Yesterday I went to the Toronto Zoo to see their six week old pygmy hippo calf. I spent three hours observing her and her mother in their pool, hoping to capture a good moment on camera. Like most babies, she spent a lot of the time napping. I also noticed that she had a couple of favourite spots; one on the edge of the ramp leading up to land, and the other beside a pillar under the pedestrian walkway. Whenever she would nap beside the pillar, I noticed after a few minutes that Kindia would grunt at her, beckoning her to return to the edge of the ramp. A highlight of the day was seeing the calf nurse from Kindia underwater. It was heartwarming to see their bond.
While I was watching the hippos, I also had the chance to see people’s responses to them.
Almost unanimously, people cooed when they saw the baby, and most spent a few minutes observing her and taking snapshots before moving on. There was one notable exception: a group of teen boys. As Kindia and her calf swam under the bridge, the boys leaned over the railing and one of them spit. Appalled, all I could think to say was , “Don’t spit. Don’t spit!” He mumbled an apology. In hindsight, this could have been a teachable moment, but I seldom deal with kids and I’m not all that great off-the-cuff.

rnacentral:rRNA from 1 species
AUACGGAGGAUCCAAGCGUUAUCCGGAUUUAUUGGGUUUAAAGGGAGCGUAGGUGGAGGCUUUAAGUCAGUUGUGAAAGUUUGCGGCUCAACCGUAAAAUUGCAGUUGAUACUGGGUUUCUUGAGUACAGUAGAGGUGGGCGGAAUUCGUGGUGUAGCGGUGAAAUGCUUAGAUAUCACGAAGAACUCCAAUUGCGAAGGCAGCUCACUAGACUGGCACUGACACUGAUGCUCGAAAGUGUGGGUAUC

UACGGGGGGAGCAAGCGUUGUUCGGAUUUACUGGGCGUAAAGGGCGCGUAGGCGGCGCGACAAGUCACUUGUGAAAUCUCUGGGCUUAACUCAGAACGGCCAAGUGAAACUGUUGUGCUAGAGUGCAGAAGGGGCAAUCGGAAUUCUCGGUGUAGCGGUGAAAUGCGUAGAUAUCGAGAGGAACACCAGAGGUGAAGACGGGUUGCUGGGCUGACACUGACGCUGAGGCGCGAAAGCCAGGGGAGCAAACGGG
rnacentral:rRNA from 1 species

At any rate, I think this small incident is a double tragedy. A boy sees a critically endangered pygmy hippo and her daughter (less than 3000 left in the wild) and he spits on them rather than being amazed or feeling empathy. It’s tempting to view this as a sign of the times, but then I remembered a friend from university who witnessed a nearly identical incident when he visited the pygmy hippo 20 years ago (he yelled at the boy and told him that his saliva was filled with bacteria and potential disease vectors that could make the pygmy hippo sick). I’m also reminded of a scene from Dumbo, where the teen boys cruelly bully Dumbo for his large ears. It seems that for some (many?), empathy for animals doesn’t come naturally; it must be fostered and taught.
Today I returned to the zoo to photograph the pygmy hippos again. As I was leaving the zoo, I passed by the Sumatran Tiger enclosure and I saw a large family standing by the railing looking at the tiger below them. The father picked up something from the ground and threw it at the tiger. I yelled at him, “Hey! Don’t throw stuff at the tiger!” The family all turned to look at me. “Okay,” was his mumbled response. Perhaps I need to prepare a speech for incidents like these.